|    0 | BRA  | Brazil             |  170115000 |
|    0 | PAK  | Pakistan           |  156483000 |
|    0 | RUS  | Russian Federation |  146934000 |
|    0 | BGD  | Bangladesh         |  129155000 |
|    0 | JPN  | Japan              |  126714000 |
|    0 | NGA  | Nigeria            |  111506000 |
+------+------+--------------------+------------+

We can go on like this (and I did) trying to force the session variable into being set to 0 after the first row. Once can try nested assignment, selecting from DUAL, using IF, NULLIF and more. Still, MySQL will only set the variable, if it's NULL, after the query completes. A solution is to force the variable to zero before the query begins. I will use a UNION ALL, in which the first part sets the @rank, and the second performs the query. Since its a UNION, I need to have the same number of columns in both parts. Moreover, since I'm ORDERing by Population, a column named `Population` must exist in the first part. This leads to the following query:

SELECT NULL AS rank, NULL AS Code, NULL AS Name, NULL AS Population
  FROM DUAL WHERE (@rank := 0)<0
UNION ALL
SELECT @rank := @rank + 1 AS rank, Code, Name, Population
  FROM Country ORDER BY Population DESC LIMIT 10

+------+------+--------------------+------------+
| rank | Code | Name               | Population |
+------+------+--------------------+------------+
|   94 | CHN  | China              | 1277558000 |
|   72 | IND  | India              | 1013662000 |
|  229 | USA  | United States      |  278357000 |
|   71 | IDN  | Indonesia          |  212107000 |
|   29 | BRA  | Brazil             |  170115000 |
|  152 | PAK  | Pakistan           |  156483000 |
|  226 | RUS  | Russian Federation |  146934000 |
|   19 | BGD  | Bangladesh         |  129155000 |
|   82 | JPN  | Japan              |  126714000 |
|  146 | NGA  | Nigeria            |  111506000 |
+------+------+--------------------+------------+

The first query in the UNION should not return any rows, hence the impossible (@rank := 0)<0 condition.

Well, the rank has numbers all right, but what kind of numbers are these? Apparently the ranking took place before the ORDER BY. Not giving up, we try one more time:

SELECT NULL AS rank, NULL AS Code, NULL AS Name, NULL AS Population
  FROM DUAL WHERE (@rank := 0)<0
UNION ALL
SELECT @rank := @rank + 1 AS rank, Code, Name, Population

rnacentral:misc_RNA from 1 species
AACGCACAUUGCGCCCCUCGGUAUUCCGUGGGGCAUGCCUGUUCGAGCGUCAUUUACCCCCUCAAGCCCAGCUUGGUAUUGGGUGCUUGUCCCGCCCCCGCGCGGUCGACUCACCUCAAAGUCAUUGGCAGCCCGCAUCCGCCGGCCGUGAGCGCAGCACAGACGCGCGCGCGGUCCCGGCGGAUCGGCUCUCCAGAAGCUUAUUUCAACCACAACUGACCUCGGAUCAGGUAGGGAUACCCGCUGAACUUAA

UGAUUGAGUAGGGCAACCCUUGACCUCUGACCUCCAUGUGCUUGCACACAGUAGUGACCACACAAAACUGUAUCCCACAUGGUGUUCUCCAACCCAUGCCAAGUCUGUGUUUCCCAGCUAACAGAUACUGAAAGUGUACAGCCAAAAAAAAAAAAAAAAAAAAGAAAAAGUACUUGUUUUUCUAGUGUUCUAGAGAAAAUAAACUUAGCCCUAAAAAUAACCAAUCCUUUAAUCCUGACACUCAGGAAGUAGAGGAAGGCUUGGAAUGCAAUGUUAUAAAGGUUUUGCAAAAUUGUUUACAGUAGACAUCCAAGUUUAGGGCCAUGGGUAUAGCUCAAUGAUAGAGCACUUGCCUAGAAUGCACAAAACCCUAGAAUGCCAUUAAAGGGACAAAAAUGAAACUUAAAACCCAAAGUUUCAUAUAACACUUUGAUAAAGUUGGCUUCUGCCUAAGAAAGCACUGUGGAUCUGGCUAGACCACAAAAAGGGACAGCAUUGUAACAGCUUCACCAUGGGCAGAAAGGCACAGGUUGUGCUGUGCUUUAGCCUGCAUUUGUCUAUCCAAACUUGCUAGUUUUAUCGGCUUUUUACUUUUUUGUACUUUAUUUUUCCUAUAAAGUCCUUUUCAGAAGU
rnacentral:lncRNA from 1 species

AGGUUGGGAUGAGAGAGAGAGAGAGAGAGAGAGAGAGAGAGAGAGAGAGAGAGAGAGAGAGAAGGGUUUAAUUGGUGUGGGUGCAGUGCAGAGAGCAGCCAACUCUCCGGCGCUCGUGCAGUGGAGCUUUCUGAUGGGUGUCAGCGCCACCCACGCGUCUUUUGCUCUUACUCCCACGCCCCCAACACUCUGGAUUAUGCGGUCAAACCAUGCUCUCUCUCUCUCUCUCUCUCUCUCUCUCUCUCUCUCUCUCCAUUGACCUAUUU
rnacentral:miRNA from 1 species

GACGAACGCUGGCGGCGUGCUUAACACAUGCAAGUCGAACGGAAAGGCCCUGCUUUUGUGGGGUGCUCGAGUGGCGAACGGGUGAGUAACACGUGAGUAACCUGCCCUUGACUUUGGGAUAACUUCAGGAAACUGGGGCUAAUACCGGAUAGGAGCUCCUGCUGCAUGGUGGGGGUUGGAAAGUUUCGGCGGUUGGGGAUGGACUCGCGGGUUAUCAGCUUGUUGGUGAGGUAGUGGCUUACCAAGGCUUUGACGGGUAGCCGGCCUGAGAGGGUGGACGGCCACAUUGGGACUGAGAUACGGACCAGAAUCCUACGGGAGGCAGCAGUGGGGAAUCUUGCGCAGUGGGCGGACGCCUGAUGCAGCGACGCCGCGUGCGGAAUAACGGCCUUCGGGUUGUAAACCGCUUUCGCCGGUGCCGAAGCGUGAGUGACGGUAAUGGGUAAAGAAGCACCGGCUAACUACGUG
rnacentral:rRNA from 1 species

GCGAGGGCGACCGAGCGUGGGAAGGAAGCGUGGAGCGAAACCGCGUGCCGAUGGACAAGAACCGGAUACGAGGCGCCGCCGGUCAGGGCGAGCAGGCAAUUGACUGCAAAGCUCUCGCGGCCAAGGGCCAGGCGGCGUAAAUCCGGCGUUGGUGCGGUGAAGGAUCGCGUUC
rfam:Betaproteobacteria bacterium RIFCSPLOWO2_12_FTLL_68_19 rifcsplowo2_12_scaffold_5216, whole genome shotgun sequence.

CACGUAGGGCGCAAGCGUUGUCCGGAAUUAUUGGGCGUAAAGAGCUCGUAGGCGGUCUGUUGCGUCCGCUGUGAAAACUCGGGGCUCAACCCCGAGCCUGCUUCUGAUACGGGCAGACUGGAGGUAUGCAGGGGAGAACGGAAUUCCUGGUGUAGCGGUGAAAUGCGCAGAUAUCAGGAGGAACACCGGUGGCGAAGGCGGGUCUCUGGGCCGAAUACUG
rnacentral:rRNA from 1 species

FROM (SELECT Code, Name, Population
    FROM Country ORDER BY Population DESC LIMIT 10) AS c

+------+------+--------------------+------------+
| rank | Code | Name               | Population |
+------+------+--------------------+------------+
|    1 | CHN  | China              | 1277558000 |
|    2 | IND  | India              | 1013662000 |
|    3 | USA  | United States      |  278357000 |
|    4 | IDN  | Indonesia          |  212107000 |
|    5 | BRA  | Brazil             |  170115000 |
|    6 | PAK  | Pakistan           |  156483000 |
|    7 | RUS  | Russian Federation |  146934000 |
|    8 | BGD  | Bangladesh         |  129155000 |
|    9 | JPN  | Japan              |  126714000 |
|   10 | NGA  | Nigeria            |  111506000 |
+------+------+--------------------+------------+

Now we've got it!

The question arises: why go through all this when a simple two-queries solution is available?

First, as a MySQL excercise, I find this an interesting problem. Second, it just may be possible you'll be bound with one single query. For example, reporting tools may only allow for one query per report table. As another example, you may not have a sophisticated connection pool, and you are bound for sending one query per connection, hence unable to store session variables in between.

If you know of other solutions, hopefully simpler ones, please comment below!

  • Same results but a little cleaner, by putting the initial rank setting inside the join.

    SELECT   @rank := @rank+1 AS rank, Code, Name, Population 
    FROM Country 
    CROSS JOIN (select @rank := 0) qq 
    ORDER BY Population DESC LIMIT 10;
    
    +------+------+--------------------+------------+
    | rank | Code | Name               | Population |
    +------+------+--------------------+------------+
    |    1 | CHN  | China              | 1277558000 | 
    |    2 | IND  | India              | 1013662000 | 
    |    3 | USA  | United States      |  278357000 | 
    |    4 | IDN  | Indonesia          |  212107000 | 
    |    5 | BRA  | Brazil             |  170115000 | 
    |    6 | PAK  | Pakistan           |  156483000 | 
    |    7 | RUS  | Russian Federation |  146934000 | 
    |    8 | BGD  | Bangladesh         |  129155000 | 
    |    9 | JPN  | Japan              |  126714000 | 
    |   10 | NGA  | Nigeria            |  111506000 | 
    +------+------+--------------------+------------+
    
  • Hi Ryan,

    Thanks! I think it is much cleaner.

    Shlomi

  • William

    My version:

    SELECT @rank := @rank+1 AS rank, Code, Name, Population
    FROM Country, (SELECT @rank := 0) d
    ORDER BY Population DESC LIMIT 10;

  • You can also use a self JOIN with no variable to do ranking.